Head Restraint Height Can Impact Neck Injury Likelihood
When was the last time you checked that the height of your head restraint was appropriate to prevent whiplash? If you are like most people, the answer is probably never. Interestingly, it is this one step that, if performed by drivers even one time over the life of car ownership, would drastically reduce the incidence of whiplash in Baltimore and across the globe.
While change in velocities between two impacting vehicles play a part in relatively likelihood of injury following motor vehicle collision, as do human metrics (age, size, bracing for impact, previous injuries, etc), an often overlooked component about relatively likelihood of whiplash is something as simple as head restraint geometry.
The Insurance Institute for Highway Safety has created a static head restraint rating diagram. A copy of it can be seen here. For proper safety, a head restraint should be positioned at least as high as the head’s center of gravity, which for most people is approximately 9 cm below the apex of the head. This vertical height is referred to as “topset” distance. The other component that they measure is called “backset.” Backset should be as little as possible, with a resting position of the back of the head no more than 8 cm from the head restraint.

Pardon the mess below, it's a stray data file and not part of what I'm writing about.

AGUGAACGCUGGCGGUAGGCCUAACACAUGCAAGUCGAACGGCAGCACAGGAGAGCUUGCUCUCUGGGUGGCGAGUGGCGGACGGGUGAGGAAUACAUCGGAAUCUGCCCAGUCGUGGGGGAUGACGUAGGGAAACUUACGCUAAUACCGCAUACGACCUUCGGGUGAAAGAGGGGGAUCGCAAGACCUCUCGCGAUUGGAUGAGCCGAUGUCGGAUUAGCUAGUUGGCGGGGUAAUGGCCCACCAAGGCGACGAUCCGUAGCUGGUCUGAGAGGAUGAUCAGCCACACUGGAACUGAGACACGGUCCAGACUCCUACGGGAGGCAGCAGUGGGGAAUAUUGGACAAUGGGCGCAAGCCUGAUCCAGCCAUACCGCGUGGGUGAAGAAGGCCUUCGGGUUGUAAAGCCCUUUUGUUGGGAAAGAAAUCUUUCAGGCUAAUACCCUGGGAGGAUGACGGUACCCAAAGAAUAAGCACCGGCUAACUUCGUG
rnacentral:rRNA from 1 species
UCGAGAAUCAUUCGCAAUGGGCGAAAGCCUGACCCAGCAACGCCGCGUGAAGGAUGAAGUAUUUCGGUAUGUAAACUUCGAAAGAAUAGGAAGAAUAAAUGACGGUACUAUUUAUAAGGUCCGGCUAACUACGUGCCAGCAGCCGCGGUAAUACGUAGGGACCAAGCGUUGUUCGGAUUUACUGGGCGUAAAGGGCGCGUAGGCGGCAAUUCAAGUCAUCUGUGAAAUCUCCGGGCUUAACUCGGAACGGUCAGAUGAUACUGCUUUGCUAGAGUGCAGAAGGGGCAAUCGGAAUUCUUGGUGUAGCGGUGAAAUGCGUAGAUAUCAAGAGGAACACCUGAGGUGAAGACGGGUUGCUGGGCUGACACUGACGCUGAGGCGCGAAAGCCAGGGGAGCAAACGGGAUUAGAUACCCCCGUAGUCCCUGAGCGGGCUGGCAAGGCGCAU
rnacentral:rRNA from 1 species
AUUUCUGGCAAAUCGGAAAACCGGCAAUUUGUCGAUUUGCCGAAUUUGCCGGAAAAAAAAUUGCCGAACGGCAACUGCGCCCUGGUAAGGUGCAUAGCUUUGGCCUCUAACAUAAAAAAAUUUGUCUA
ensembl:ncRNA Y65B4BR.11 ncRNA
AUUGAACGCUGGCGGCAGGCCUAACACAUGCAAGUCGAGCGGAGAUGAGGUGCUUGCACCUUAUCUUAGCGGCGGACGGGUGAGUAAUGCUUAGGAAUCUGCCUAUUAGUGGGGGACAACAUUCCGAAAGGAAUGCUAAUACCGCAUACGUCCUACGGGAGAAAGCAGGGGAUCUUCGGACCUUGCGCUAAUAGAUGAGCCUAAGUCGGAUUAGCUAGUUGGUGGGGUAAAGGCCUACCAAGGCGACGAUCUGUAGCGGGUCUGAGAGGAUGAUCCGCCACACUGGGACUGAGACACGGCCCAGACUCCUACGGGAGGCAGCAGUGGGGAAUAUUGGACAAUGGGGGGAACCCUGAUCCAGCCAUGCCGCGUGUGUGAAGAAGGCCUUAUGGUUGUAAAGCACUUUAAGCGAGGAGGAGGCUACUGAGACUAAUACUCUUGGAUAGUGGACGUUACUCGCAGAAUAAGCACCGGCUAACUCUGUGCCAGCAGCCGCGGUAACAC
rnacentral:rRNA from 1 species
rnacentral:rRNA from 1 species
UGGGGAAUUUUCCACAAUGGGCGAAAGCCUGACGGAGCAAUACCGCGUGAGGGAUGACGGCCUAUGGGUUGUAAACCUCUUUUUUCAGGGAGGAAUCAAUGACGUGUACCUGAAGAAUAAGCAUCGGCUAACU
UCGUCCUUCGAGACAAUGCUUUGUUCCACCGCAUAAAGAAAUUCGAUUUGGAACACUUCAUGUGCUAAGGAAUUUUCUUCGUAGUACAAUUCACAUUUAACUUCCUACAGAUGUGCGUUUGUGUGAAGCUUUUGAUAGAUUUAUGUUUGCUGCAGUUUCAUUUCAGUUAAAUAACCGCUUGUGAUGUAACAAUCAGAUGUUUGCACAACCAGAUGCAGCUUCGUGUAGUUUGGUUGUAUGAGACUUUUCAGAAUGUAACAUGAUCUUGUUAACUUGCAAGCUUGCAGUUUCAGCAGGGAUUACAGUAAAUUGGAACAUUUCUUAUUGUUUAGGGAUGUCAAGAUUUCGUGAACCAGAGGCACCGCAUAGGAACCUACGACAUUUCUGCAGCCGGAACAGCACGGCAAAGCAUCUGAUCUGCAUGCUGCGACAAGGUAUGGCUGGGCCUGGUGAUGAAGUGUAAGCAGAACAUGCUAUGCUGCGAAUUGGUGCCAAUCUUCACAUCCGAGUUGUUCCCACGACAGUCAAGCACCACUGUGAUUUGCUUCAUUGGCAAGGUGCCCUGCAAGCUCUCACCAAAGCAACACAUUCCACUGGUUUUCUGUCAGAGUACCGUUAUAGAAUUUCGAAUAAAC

For those who don’t want to measure their topset and backset- take one simple step. Move the headrest up as high and as far forward as possible (in vehicles that have adjustable head restraints). Doing so will decrease the likelihood of neck injury following a rear-end impact. This simple step may just save you months of therapy in my office!
If you, or anyone you know has suffered whiplash and is experiencing headaches, neck pain, or back pain associated with an auto accident in Baltimore or the surrounding areas, please contact Mid-Atlantic Spinal Rehab & Chiropractic or call us at (443) 842-5500. We would be happy to help!
BY: Mid-Atlantic Spinal Rehab
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